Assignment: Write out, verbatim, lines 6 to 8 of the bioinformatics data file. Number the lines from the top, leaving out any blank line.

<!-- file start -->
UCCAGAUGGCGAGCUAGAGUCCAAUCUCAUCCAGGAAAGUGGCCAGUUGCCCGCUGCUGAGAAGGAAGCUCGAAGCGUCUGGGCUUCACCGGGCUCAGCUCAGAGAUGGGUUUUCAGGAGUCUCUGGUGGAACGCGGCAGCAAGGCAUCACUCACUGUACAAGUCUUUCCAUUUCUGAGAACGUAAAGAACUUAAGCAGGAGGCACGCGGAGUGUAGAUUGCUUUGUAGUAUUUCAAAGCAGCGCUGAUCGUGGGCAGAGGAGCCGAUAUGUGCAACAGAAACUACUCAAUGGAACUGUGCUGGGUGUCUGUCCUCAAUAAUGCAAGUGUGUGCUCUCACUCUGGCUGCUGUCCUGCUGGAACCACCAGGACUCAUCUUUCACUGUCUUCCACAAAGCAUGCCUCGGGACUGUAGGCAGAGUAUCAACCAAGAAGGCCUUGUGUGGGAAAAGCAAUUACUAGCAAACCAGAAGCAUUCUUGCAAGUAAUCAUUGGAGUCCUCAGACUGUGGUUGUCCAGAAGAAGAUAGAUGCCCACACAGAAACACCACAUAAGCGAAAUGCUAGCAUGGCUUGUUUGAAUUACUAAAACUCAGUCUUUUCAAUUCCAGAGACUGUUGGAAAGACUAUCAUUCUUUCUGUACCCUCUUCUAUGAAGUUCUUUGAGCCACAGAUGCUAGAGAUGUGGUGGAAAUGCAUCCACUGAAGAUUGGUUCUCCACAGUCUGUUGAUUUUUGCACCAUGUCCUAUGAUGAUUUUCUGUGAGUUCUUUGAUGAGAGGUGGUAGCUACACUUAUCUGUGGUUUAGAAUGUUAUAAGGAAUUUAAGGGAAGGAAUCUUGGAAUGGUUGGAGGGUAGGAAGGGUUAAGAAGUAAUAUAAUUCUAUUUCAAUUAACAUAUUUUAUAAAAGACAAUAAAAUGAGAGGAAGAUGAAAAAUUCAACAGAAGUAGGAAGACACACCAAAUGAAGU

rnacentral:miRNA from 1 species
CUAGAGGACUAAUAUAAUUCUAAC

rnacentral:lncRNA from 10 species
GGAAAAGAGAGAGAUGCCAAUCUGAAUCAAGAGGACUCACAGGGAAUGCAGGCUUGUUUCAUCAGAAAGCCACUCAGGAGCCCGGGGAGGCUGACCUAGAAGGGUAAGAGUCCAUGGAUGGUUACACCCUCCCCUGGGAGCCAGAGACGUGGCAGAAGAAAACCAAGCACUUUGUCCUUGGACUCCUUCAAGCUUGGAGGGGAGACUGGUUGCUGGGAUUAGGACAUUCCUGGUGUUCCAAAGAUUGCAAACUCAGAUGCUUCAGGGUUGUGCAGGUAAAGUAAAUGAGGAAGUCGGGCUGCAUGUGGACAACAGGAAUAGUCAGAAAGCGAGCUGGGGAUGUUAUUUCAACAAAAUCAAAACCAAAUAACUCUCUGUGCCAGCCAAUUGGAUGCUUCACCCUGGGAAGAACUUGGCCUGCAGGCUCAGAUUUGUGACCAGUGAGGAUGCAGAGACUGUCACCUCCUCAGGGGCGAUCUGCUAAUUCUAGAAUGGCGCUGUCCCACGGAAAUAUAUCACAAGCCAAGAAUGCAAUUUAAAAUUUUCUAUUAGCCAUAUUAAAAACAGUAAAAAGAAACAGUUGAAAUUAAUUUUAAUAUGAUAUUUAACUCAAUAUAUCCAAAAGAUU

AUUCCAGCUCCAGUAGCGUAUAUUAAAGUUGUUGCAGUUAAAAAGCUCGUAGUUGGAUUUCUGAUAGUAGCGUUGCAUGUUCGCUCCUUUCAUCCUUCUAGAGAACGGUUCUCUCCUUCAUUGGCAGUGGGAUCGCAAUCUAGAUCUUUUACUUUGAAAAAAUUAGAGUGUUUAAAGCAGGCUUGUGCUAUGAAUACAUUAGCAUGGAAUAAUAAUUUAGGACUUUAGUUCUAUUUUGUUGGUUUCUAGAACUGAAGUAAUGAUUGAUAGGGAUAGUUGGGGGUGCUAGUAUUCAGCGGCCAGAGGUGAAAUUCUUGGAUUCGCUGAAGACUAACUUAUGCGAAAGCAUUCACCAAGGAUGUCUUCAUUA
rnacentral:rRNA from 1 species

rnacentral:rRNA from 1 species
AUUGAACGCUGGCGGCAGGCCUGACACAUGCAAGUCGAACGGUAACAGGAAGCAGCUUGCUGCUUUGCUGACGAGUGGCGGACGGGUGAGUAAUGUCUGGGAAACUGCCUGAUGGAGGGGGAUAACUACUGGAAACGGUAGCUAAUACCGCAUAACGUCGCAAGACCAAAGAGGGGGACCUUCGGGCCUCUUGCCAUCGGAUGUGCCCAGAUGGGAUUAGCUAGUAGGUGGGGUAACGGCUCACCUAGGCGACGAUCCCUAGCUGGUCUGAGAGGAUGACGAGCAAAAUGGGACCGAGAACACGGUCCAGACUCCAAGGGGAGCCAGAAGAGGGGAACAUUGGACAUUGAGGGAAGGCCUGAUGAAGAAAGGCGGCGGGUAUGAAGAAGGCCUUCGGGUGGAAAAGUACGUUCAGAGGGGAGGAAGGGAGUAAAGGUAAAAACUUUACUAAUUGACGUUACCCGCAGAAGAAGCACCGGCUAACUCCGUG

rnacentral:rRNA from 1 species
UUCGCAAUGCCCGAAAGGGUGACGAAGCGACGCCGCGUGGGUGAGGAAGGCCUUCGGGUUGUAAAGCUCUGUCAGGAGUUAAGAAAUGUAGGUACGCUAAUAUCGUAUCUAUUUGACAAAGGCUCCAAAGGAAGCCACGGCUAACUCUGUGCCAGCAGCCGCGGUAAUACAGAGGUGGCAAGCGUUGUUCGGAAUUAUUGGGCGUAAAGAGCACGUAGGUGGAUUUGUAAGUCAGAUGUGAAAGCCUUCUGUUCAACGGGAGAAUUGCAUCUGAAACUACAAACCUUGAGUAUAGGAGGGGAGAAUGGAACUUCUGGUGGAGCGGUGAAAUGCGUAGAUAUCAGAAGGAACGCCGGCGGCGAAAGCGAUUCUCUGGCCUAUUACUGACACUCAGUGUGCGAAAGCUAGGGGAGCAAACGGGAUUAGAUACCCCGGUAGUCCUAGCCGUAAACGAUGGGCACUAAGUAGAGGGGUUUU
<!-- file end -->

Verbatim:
AUUCCAGCUCCAGUAGCGUAUAUUAAAGUUGUUGCAGUUAAAAAGCUCGUAGUUGGAUUUCUGAUAGUAGCGUUGCAUGUUCGCUCCUUUCAUCCUUCUAGAGAACGGUUCUCUCCUUCAUUGGCAGUGGGAUCGCAAUCUAGAUCUUUUACUUUGAAAAAAUUAGAGUGUUUAAAGCAGGCUUGUGCUAUGAAUACAUUAGCAUGGAAUAAUAAUUUAGGACUUUAGUUCUAUUUUGUUGGUUUCUAGAACUGAAGUAAUGAUUGAUAGGGAUAGUUGGGGGUGCUAGUAUUCAGCGGCCAGAGGUGAAAUUCUUGGAUUCGCUGAAGACUAACUUAUGCGAAAGCAUUCACCAAGGAUGUCUUCAUUA
rnacentral:rRNA from 1 species

rnacentral:rRNA from 1 species